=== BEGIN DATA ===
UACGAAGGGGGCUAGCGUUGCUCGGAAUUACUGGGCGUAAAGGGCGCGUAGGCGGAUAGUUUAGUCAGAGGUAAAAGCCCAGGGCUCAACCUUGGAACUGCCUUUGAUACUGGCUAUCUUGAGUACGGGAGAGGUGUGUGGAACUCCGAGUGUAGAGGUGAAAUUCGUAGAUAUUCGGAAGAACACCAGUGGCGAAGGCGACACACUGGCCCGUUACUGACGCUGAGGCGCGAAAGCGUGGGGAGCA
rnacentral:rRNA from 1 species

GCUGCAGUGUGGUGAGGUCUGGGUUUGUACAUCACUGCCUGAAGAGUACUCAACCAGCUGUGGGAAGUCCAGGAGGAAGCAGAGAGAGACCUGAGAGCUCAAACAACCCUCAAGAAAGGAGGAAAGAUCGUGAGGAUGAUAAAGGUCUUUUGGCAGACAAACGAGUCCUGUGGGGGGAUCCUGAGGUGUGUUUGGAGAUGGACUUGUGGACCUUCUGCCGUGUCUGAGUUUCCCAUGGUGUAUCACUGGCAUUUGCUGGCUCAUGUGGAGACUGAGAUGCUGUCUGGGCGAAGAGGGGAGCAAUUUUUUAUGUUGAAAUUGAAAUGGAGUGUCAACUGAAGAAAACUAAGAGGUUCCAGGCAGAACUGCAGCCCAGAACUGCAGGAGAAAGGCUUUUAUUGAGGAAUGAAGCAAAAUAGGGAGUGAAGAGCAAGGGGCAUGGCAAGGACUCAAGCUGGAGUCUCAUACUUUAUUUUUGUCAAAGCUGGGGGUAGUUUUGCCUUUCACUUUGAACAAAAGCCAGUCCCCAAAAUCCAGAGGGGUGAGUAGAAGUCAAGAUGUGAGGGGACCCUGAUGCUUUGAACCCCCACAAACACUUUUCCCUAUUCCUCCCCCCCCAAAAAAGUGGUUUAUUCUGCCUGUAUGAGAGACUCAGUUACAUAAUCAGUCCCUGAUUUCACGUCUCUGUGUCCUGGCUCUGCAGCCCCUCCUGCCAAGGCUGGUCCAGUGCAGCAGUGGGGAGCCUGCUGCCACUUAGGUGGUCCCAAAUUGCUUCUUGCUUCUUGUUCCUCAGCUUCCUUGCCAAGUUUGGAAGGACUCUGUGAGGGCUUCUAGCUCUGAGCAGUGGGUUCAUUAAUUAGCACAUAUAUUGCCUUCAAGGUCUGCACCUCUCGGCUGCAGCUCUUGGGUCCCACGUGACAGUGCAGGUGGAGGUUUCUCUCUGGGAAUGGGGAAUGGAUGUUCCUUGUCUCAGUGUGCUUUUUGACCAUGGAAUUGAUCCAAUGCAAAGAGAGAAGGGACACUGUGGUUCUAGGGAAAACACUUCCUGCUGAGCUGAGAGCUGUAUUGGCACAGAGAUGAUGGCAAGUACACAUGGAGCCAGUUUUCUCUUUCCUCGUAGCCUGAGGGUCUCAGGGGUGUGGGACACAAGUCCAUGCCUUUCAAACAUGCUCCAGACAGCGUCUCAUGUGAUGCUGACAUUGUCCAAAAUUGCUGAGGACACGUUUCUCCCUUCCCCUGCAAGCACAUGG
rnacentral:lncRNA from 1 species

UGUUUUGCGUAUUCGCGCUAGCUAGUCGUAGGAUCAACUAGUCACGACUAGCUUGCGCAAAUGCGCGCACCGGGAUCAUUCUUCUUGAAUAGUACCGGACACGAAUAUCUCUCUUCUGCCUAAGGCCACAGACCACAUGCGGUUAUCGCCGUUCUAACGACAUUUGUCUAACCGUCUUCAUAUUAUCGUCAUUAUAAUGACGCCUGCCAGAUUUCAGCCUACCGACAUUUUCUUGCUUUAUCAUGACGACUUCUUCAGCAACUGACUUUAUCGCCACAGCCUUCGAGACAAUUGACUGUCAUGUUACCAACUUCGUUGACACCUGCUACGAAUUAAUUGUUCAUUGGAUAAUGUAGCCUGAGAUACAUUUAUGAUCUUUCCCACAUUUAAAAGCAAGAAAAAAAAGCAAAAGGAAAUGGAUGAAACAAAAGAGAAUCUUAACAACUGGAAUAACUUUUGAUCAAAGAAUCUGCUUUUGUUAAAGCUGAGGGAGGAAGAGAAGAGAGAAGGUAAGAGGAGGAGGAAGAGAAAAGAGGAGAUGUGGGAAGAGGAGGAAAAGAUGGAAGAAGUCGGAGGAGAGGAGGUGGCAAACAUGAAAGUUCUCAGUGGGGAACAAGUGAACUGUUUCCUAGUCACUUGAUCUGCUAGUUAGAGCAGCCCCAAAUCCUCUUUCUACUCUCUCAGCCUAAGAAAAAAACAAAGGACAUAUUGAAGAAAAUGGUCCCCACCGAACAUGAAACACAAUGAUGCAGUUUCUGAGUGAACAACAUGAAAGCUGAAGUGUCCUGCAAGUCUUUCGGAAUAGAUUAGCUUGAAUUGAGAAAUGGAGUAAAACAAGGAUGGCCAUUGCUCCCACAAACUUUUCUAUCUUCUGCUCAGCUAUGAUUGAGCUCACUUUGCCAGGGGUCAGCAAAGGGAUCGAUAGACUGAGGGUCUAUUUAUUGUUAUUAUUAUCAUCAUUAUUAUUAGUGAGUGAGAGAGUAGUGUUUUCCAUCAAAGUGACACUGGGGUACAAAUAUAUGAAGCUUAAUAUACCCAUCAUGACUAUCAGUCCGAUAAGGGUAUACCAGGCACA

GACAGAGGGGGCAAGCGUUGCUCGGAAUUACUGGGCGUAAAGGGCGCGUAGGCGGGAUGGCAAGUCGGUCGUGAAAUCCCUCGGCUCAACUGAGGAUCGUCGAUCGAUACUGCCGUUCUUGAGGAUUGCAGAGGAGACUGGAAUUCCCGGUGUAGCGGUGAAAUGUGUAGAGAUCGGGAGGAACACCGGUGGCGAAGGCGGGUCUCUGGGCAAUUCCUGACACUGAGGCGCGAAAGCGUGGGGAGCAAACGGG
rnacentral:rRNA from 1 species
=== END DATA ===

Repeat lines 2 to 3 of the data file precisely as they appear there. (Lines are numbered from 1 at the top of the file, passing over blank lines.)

rnacentral:rRNA from 1 species

GCUGCAGUGUGGUGAGGUCUGGGUUUGUACAUCACUGCCUGAAGAGUACUCAACCAGCUGUGGGAAGUCCAGGAGGAAGCAGAGAGAGACCUGAGAGCUCAAACAACCCUCAAGAAAGGAGGAAAGAUCGUGAGGAUGAUAAAGGUCUUUUGGCAGACAAACGAGUCCUGUGGGGGGAUCCUGAGGUGUGUUUGGAGAUGGACUUGUGGACCUUCUGCCGUGUCUGAGUUUCCCAUGGUGUAUCACUGGCAUUUGCUGGCUCAUGUGGAGACUGAGAUGCUGUCUGGGCGAAGAGGGGAGCAAUUUUUUAUGUUGAAAUUGAAAUGGAGUGUCAACUGAAGAAAACUAAGAGGUUCCAGGCAGAACUGCAGCCCAGAACUGCAGGAGAAAGGCUUUUAUUGAGGAAUGAAGCAAAAUAGGGAGUGAAGAGCAAGGGGCAUGGCAAGGACUCAAGCUGGAGUCUCAUACUUUAUUUUUGUCAAAGCUGGGGGUAGUUUUGCCUUUCACUUUGAACAAAAGCCAGUCCCCAAAAUCCAGAGGGGUGAGUAGAAGUCAAGAUGUGAGGGGACCCUGAUGCUUUGAACCCCCACAAACACUUUUCCCUAUUCCUCCCCCCCCAAAAAAGUGGUUUAUUCUGCCUGUAUGAGAGACUCAGUUACAUAAUCAGUCCCUGAUUUCACGUCUCUGUGUCCUGGCUCUGCAGCCCCUCCUGCCAAGGCUGGUCCAGUGCAGCAGUGGGGAGCCUGCUGCCACUUAGGUGGUCCCAAAUUGCUUCUUGCUUCUUGUUCCUCAGCUUCCUUGCCAAGUUUGGAAGGACUCUGUGAGGGCUUCUAGCUCUGAGCAGUGGGUUCAUUAAUUAGCACAUAUAUUGCCUUCAAGGUCUGCACCUCUCGGCUGCAGCUCUUGGGUCCCACGUGACAGUGCAGGUGGAGGUUUCUCUCUGGGAAUGGGGAAUGGAUGUUCCUUGUCUCAGUGUGCUUUUUGACCAUGGAAUUGAUCCAAUGCAAAGAGAGAAGGGACACUGUGGUUCUAGGGAAAACACUUCCUGCUGAGCUGAGAGCUGUAUUGGCACAGAGAUGAUGGCAAGUACACAUGGAGCCAGUUUUCUCUUUCCUCGUAGCCUGAGGGUCUCAGGGGUGUGGGACACAAGUCCAUGCCUUUCAAACAUGCUCCAGACAGCGUCUCAUGUGAUGCUGACAUUGUCCAAAAUUGCUGAGGACACGUUUCUCCCUUCCCCUGCAAGCACAUGG